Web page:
April 2016 A to Z Challenge – I’m blogging about history.
M is for Mount Vernon.
Mount Vernon was the home of our first president, George Washington. It sits in Fairfax County, Virginia on the banks of the Potomac River.
The first to own the property was George’s great-grandfather, John Washington, and John’s friend Nicholas Spencer in 1674. The land was successfully acquired due to Nicholas working for Thomas Colepepper (my cousin). Colepepper was the English lord who controlled that part of Virginia for the Crown and no one bought property without his permission.
When John Washington died in 1677, his son Lawrence inherited his father’s part of the land. In 1690, Lawrence agreed to divide the 5,000 acres with the heirs of Nicholas Spencer, who had died the year before.
When Lawrence died in 1698, he left the property to his daughter Mildred. She leased the property to her brother Augustine (George’s dad) and he later bought it from her. He built a house on the site between 1726 and 1735 and called it Little Hunting Creek. The original foundation of that home is still visible in the present house’s cellar.
In 1739, Augustine’s eldest son Lawrence (George’s brother), who was twenty one years of age now, began buying up neighboring tracts of land from the Spencer family, enlarging the farm. When their father died, Lawrence inherited the property and changed the name to Mount Vernon. Lawrence died in 1752 and left some of the estate to his widow and the rest to his brother, George. Once the widow remarried and eventually died in 1761, George became the sole owner of the property.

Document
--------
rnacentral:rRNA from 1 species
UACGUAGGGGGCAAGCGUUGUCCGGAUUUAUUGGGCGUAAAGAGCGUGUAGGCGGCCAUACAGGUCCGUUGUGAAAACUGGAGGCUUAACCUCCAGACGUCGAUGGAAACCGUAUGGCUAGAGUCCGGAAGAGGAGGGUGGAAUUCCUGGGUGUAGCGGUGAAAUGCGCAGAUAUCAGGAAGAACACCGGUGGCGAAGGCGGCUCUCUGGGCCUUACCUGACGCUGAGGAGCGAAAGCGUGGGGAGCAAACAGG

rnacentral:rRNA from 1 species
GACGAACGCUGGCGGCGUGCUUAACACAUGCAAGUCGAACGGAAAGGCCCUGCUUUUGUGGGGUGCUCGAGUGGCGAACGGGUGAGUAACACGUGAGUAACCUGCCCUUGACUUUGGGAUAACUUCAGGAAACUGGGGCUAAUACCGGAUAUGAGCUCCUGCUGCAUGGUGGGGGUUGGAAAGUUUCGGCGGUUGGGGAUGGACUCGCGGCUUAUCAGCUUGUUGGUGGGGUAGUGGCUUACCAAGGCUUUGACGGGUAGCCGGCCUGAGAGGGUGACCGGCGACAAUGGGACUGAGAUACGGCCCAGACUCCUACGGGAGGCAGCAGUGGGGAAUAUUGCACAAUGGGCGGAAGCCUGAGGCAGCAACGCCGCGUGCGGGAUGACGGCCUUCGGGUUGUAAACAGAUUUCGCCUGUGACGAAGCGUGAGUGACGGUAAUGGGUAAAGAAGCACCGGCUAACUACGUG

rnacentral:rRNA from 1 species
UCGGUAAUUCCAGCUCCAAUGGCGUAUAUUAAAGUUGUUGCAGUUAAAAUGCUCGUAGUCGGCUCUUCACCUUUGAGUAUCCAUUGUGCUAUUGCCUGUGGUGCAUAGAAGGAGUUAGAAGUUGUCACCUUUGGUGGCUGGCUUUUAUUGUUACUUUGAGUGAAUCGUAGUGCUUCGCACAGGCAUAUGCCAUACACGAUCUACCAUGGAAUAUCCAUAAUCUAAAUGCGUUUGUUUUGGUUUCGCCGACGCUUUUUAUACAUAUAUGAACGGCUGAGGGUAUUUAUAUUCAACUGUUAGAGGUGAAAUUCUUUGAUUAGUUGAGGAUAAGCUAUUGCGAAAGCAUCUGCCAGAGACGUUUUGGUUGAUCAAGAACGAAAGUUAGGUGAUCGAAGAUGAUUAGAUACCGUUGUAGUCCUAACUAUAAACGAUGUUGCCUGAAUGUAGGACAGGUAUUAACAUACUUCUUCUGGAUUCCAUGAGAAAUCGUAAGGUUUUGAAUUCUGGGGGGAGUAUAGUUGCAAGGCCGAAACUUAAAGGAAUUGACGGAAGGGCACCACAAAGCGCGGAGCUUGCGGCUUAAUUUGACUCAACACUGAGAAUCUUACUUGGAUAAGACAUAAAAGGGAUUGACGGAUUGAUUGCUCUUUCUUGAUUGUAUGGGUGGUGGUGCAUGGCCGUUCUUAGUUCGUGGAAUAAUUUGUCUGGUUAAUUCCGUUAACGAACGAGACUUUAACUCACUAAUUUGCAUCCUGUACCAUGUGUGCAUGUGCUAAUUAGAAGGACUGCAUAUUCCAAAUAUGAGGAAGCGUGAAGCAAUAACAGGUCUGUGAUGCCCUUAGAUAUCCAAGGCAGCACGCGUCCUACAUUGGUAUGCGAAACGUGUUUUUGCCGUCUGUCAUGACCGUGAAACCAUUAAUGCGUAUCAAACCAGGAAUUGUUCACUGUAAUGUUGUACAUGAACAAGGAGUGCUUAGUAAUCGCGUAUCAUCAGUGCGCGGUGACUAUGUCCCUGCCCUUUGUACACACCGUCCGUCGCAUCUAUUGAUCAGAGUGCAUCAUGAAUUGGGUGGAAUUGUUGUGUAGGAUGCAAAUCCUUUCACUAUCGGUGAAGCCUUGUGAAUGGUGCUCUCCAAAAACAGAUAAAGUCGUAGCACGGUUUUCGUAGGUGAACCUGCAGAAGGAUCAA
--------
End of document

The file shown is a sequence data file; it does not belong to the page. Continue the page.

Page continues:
In 1758, George began renovations on the house, raising it to two and a half stories. In the 1770s, just before the Revolution, he added even more, the final expansion rendering a twenty-one-room home with an area of 11,028 square feet! A majority of the work was completed by slaves. You can tell he wanted the home to be symmetrical, but if you look at the center door, you will see how far off it is. That probably drove George nuts every time he pulled up in front of the house.
Following George’s death in 1799, the home was passed down through several generations, but the estate progressively declined.
In 1858, the Mount Vernon Ladies Association saw the historical importance of the home and saved it from ruin. They paid the residents over $5 million in today’s money to purchase the home and they restored it. It is still owned and maintained by them and is opened every day of the year for the viewing public. The remains of George and Martha Washington are still on the property in a crypt behind the house.